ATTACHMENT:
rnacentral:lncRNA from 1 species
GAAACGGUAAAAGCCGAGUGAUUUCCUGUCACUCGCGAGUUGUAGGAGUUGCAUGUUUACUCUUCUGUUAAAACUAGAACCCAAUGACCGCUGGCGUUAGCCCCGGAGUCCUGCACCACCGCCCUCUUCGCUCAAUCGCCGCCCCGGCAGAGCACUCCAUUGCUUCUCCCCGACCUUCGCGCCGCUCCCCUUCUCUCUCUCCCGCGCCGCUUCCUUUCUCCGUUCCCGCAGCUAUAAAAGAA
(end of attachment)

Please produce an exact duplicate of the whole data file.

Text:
rnacentral:lncRNA from 1 species
GAAACGGUAAAAGCCGAGUGAUUUCCUGUCACUCGCGAGUUGUAGGAGUUGCAUGUUUACUCUUCUGUUAAAACUAGAACCCAAUGACCGCUGGCGUUAGCCCCGGAGUCCUGCACCACCGCCCUCUUCGCUCAAUCGCCGCCCCGGCAGAGCACUCCAUUGCUUCUCCCCGACCUUCGCGCCGCUCCCCUUCUCUCUCUCCCGCGCCGCUUCCUUUCUCCGUUCCCGCAGCUAUAAAAGAA